Following a Cabinet meeting on Tuesday February 22nd the government has confirmed it is accepting advice from NPHET to lift requirements for masks in retail settings, staff in hospitality settings and other indoor public settings and lifting almost all restrictions around mask-wearing.

With effect from Monday 28 February:

  • the mandatory requirement to wear masks will be removed, while the public health advice that masks should continue to be worn on public transport and in healthcare settings remains.
  • advice in relation to COVID-19 symptoms, cases and close contacts is changing.
  • critical components of our collective response remain – rapid isolation if you are symptomatic, completing your vaccination course, continuing to manage risk for yourself and others who are more vulnerable.

Tánaiste Leo Varadkar said: “Of course there are people who may wish to continue to wear a mask and they are free to do so (and) people who have underlying conditions may also wish to choose to do so.”

The government noted that the current epidemiological profile of COVID-19 in Ireland continues to provide a broadly stable and positive outlook. Following a recent moderate increase, particularly amongst young adults, the number of infections detected per day remains high but has stabilised and may be starting to decrease. While the burden on our hospitals remains significant, it is relatively stable.

Omicron is still with us so there are critical components which still require our collective response:

  • isolate if you are symptomatic (even if you are fully vaccinated and boosted) or if you are diagnosed with COVID-19.
  • complete your primary and booster programme of vaccination.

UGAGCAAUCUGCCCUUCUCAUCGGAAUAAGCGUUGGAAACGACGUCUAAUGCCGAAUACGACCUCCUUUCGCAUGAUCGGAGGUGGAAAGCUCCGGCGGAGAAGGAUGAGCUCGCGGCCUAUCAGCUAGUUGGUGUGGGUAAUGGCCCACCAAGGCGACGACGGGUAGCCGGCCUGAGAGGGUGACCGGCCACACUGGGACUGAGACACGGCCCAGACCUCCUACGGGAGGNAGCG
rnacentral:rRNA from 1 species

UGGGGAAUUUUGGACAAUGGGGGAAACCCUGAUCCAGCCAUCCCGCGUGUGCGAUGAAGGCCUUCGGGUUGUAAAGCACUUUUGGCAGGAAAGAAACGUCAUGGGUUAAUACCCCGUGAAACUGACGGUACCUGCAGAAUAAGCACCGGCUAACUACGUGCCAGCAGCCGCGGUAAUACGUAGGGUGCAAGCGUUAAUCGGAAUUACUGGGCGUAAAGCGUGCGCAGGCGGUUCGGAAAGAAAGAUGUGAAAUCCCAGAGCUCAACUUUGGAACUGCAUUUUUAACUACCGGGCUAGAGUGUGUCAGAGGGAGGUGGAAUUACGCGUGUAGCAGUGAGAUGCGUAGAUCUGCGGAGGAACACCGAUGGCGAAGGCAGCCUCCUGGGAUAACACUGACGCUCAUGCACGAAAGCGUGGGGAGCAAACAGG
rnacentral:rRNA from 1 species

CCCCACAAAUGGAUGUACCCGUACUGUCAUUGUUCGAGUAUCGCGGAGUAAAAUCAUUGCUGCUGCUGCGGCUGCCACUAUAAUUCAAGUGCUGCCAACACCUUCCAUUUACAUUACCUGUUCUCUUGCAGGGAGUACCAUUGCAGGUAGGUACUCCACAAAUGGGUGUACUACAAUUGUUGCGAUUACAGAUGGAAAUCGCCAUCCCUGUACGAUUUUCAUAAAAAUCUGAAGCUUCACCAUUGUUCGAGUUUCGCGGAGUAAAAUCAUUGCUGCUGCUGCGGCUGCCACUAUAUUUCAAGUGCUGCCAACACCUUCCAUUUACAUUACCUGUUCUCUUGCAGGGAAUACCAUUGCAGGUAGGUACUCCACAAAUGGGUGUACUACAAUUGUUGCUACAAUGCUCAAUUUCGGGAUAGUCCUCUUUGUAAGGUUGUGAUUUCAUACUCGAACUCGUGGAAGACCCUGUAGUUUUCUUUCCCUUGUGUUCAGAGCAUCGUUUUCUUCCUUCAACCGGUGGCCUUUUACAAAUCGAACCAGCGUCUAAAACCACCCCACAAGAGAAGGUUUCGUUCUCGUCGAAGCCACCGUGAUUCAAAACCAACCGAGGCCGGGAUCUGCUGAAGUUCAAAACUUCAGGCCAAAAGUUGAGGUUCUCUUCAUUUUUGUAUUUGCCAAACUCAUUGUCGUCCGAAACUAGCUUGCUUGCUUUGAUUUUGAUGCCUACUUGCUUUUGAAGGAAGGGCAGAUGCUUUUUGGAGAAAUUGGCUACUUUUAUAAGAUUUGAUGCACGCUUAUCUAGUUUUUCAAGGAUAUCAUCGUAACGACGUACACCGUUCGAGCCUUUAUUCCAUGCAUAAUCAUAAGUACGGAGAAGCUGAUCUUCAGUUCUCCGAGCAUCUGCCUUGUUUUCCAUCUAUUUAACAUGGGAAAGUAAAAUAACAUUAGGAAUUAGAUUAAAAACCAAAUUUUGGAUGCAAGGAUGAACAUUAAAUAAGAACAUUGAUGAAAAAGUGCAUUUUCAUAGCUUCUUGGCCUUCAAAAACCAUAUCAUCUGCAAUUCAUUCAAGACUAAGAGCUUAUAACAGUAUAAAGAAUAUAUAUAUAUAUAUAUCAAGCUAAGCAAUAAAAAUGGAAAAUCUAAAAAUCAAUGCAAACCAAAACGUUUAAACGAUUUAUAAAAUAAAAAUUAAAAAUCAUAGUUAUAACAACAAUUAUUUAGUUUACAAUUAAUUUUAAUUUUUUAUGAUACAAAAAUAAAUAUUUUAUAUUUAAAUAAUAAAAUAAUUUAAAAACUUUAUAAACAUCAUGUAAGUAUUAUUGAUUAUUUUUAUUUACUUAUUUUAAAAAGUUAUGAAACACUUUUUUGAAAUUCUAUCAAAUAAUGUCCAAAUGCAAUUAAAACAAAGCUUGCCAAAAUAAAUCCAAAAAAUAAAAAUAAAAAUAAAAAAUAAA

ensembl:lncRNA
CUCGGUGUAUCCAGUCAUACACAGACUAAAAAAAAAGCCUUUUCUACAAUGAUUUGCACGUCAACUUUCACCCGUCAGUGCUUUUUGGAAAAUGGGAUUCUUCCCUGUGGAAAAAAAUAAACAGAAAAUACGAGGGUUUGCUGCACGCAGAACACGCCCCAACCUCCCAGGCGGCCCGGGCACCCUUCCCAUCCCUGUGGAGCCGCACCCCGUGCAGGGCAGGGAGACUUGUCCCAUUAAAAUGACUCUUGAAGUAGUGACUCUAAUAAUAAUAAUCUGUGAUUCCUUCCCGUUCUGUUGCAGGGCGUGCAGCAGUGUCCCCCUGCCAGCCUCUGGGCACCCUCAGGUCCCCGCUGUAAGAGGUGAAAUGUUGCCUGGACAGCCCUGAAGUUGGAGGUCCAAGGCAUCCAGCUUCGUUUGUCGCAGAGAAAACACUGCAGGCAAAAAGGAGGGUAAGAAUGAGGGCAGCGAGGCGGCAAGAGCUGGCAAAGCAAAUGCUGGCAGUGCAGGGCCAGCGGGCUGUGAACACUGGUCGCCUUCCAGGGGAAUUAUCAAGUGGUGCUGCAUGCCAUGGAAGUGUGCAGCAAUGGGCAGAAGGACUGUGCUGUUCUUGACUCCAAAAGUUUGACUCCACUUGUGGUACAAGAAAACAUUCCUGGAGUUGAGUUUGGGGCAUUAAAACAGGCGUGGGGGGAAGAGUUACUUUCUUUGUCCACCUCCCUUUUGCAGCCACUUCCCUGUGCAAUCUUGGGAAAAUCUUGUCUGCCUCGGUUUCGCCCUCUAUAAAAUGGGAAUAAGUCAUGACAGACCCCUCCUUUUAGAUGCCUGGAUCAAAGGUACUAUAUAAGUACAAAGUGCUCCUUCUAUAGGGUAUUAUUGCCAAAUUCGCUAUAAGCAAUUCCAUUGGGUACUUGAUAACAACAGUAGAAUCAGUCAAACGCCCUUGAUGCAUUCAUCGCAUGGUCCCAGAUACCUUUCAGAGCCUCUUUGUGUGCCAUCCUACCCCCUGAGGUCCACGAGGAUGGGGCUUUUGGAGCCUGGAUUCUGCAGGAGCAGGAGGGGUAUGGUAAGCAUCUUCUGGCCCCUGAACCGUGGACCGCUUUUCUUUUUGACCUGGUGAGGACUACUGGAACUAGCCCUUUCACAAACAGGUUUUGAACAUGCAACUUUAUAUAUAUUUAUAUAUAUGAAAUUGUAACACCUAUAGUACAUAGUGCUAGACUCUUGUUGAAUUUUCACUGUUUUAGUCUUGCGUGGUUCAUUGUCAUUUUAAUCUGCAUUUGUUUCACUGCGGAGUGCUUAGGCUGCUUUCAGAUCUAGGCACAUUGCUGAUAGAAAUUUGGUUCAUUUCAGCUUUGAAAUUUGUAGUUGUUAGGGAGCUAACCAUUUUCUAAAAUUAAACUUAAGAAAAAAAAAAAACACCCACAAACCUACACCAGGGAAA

• continue to manage risk for yourself and others who are more vulnerable including by wearing masks, physical distancing and avoiding crowds as well as basic hand and respiratory hygiene.

Chief medical officer Dr Tony Holohan had recommended an end to the mandatory wearing of masks in his letter to Health Minister Stephen Donnelly, where he said NPHET had concluded that there is “no longer a continuing public health rationale” for retaining them.

Updated guidance is expected to be issued for early learning and childcare providers on preventing the spread of infection. The Department of Children is working with the Health Protection Surveillance Centre (HPSC) to update the guidance.

Minister for Children Roderic O’Gorman thanked “early learning and childcare providers and their staff for the commitment they have shown to children and families since the onset of Covid-19 and their ongoing efforts to implement the public health guidance, keeping the children in their care safe”.

Following the announcement, the Teachers Union of Ireland (TUI) has raised concerns about the decision and said that it may be premature. The TUI has said that many of its members will continue to wear face masks and said that it will support them.


NB – This is a guide for information purposes only and does not constitute legal advice. If you have an issue requiring legal advice, please contact any of the team at Nolan Farrell & Goff LLP, whose numbers can be found on our website, or email